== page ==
I had a Rega P25 with a Goldring Eroica H, and it was great on a budget phonostage. However, I noticed the Eroica has a bright and slightly brittle high-end on a Lehmann Black Cube. However, the cart is so easy to mount (make its front center flesh to the front of the headshell....the size matches exactly to the headshell body of the Rega. Also, the height of the Goldring is parallel naturally (sans VTA) to the surface.....super easy to get great sound). The sound was good, but you can do better!

When I was looking to upgrade to a Scout, Larry at Hollywood Sound gave me an awesome deal on a used HW-19 Mk. IV/Rega 250. Man, you talkin' excellent sound here! I've had it for just over a year and have NO PLANS TO CHANGE IT OUT!

I don't understand how some could disregard this table given it's used price these days. The Rega P25 is in NO LEAGUE with a HW-19 Mk IV.

Goto here and Ebay and get a MK IV for about $1000 fully stacked. Get a Denon 103R and transformer from Audiocubes for $400. If you already have a LO Moving Coil input, buy a slighly-used Dyanvector 17D and sing satisfied.


Afro 18 has a good point. If you get a good deal on the HW-19 Mk IV and Dyna 17D cart., you will be at the 95 percentile of the best out there for a very low price, but I would be careful buying used, especially cart. Cuz it could be at the end of it's life, how would you know if it's slightly used.

Anyway, I use the 17D on my Scout, and it works well, but if you can move up to the HW-19 even better.
the HW series is in many ways the best of both worlds, not to mention the prices.
All I can say is you have to pay alot more MONEY, I mean alot more to better the Scout I assure you.

It will rival some of the very best tables at price no object.
And if you went for the latest Memorial arm with the silver wiring and use a top notch cartridge, I mean something that might cost more than the table itself, it will rival the very best out there.

I had GOLDMUND, ORACLE, Well Tempered, Orbe with SME and I know purchased the VPI Scout, Its not as good as the reference stuff I have had before but its pretty darn close and its a fraction of what I had paid for analog before.

I still enjoy listening to LP's as much as before and I have had the Rega units before, very nice units too.
What I am trying to say is if you own the scout and its calibrated correctly with a good cartridge, you could pretty much say that you have a top flying Analog rig!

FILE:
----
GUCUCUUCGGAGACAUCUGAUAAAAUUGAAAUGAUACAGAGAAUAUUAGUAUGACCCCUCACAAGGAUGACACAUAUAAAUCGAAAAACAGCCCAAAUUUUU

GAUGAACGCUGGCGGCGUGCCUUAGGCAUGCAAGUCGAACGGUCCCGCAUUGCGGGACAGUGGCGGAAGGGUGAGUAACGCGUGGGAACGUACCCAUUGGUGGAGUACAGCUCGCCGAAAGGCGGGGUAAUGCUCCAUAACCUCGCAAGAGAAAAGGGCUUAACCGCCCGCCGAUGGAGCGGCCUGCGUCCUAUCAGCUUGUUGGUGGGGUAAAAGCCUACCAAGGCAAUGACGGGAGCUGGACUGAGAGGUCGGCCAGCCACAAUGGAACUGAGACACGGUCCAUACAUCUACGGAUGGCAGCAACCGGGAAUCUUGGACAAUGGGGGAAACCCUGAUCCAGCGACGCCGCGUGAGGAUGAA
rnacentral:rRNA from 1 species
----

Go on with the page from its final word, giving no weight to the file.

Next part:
Won't be able to answer the question exactly since I do not have experience with the VPI Scout. I do however own a P-25 (recently acquired) for around 50% of its original price. I assume that given the two tables being examined, that the originator of the thread while wanting to get the sound that meets his musical criteria, would also be happy in minimizing his dollar output. It is here where the Rega has quite a few advantages. Tarted up P-25s with counterweight upgrades and acrylic platters are not all that hard to find for less than a thousand bucks. There have been at least 3 in the last month listed in this forum. The Rega defines toe tapping and its speed stability is excellent which allows for a a decidedly detailed sound. As already mentioned the Rega is lively and sometimes it might err a little up the spectrum for some listeners. No problem. Just put a Denon 103 (and a Rega spacer) on that RB600 arm (no compliance or compatability issues here) and find a nice tube phono stage--- the Project tube box is now popping up used and it works well with the Rega and the Denon.

I guess all I am trying to say is the Rega is competent, but more importantly its musical, and when tweaked by a thoughful previous owner can be brought up a notch and more than hold its own with most tables in this price category
Think Rega's VTA can be adjusted "on the fly" with some after market products offered (full collar not just a spacer).Unlike 10 and 12" Memorial arms the 9" cannot be adjusted on the fly.New Signature version of 9" VPI arm has anti-skate.Spoke to Wally of Wallytools fame sells his own bolt on version.He said that while he respected Harry their were reasons in physics that in both turntable performance and record preservation dictated that all arms have anit skate beyond the pseudo twisted wire in older VPI products.
Chazzbo - I have to disagree with your comment; I have a VPI Scout with the JMW-9 arm and have adjusted the VTA while the record is playing; as long as the two allenhead screws at the base of the tonearm are loose you can do this.